A 25-year-old student presented with recurrent and dull left hypochondriac abdominal pain of 1-year duration. There was no associated change in bowel habit, weight loss or fever. There were no other systemic symptoms. She had prior laparotomy 7 months before presentation at a peripheral hospital on account of left-sided ovarian cyst.

On examination, she was a young woman not in painful distress, not pale, afebrile and not wasted.

Abdominal examination revealed a lower midline scar with the left hypochondrial tenderness. There was also a poorly defined mass of 6 by 6 cm in size, firm, not warm to touch and mildly tender. The swelling was not mobile. Spleen, liver and kidneys were not enlarged. There were no ascites. Examination of other systems was essentially normal.

Abdominal ultrasound scan showed a cystic mass in the left hypochondrial region, measuring about 8 cm by 10 cm in size, with irregular internal echoes. The swelling was solitary separate from spleen, no surrounding fluid collection. Abdominal computed tomography (CT) scan requested could not be done due to financial constraints. Full blood count and electrolytes and urea were essentially normal.

Impression of mesenteric cyst was made. She was booked for exploratory laparotomy. Abdominal entry was through a lower midline incision with the proximal part of the incision through a virgin area; intraoperatively, small bowel (jejunum and ileum) adhesions were noted in the pelvis and left hypochondrial region. Adhesiolysis was done after which a cystic mass was found in the left hypochondrial region on the left side of duodenojejunal junction. The cystic swelling ruptured inadvertently during the exploration. A purulent collection of about 80 ml was aspirated from the ruptured cyst, and a huge surgical gauze was seen thereafter. It was removed by careful dissection [Figure 1] and [Figure 2]. The abdomen was lavaged, and a closed drain was left in the left hypochondrial region and brought out below the left costal margin. The abdomen was closed with nylon 0 suture. She was discharged on post-operative day 10 after the removal of the sutures.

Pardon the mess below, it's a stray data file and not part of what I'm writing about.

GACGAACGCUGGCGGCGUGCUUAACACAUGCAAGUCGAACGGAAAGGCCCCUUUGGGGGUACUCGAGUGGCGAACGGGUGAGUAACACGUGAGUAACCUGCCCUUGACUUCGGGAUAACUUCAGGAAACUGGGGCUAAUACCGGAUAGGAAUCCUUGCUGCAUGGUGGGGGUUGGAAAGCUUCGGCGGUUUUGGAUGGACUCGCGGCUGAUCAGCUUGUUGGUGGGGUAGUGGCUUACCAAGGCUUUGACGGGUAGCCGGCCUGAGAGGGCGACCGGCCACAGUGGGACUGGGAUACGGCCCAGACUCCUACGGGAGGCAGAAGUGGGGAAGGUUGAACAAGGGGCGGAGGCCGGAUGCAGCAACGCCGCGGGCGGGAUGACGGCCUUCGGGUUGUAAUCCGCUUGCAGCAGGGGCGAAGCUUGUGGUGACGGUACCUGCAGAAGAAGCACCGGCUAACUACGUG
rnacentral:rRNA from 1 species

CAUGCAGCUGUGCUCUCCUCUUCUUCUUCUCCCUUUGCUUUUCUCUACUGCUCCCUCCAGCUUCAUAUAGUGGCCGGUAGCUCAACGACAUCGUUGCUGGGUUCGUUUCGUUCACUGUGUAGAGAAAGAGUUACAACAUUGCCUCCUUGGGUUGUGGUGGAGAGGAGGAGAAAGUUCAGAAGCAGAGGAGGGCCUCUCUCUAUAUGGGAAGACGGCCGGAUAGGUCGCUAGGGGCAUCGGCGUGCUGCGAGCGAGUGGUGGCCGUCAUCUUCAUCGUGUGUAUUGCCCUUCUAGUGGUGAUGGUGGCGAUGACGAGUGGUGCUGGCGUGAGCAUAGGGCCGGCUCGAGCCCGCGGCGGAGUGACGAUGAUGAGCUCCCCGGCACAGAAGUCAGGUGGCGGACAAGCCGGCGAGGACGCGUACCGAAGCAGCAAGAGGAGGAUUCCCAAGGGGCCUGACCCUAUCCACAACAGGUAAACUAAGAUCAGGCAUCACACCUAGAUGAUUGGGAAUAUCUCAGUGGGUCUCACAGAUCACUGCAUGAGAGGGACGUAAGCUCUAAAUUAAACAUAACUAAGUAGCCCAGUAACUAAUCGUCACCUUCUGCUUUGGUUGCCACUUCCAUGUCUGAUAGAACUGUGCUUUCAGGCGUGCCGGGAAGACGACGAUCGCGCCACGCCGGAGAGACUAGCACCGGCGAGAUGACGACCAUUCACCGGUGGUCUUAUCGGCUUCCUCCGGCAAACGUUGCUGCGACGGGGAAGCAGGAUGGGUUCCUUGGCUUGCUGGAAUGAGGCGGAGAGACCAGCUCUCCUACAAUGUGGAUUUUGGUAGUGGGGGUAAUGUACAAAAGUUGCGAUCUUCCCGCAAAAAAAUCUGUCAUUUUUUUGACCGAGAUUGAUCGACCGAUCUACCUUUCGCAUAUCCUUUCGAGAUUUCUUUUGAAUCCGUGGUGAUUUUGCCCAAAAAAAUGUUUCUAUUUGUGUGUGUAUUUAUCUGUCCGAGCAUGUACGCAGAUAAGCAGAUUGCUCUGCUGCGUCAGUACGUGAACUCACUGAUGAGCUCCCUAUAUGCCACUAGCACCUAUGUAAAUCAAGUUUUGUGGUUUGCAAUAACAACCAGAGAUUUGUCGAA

Figure 1: Gauze removed from the abdomen

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Figure 2: Gauze in between loop of small bowel at laparotomy

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  Discussion Top

The gossypiboma is one of the surgical cases, leading to medical litigations. In addition, it leads to embarrassment, humiliation and job loss. The incidence is difficult to estimate because of a low reporting rate due to medicolegal implications. However, the incidence varies between 1 out of 1000 and 1500 intra-abdominal operations.[6]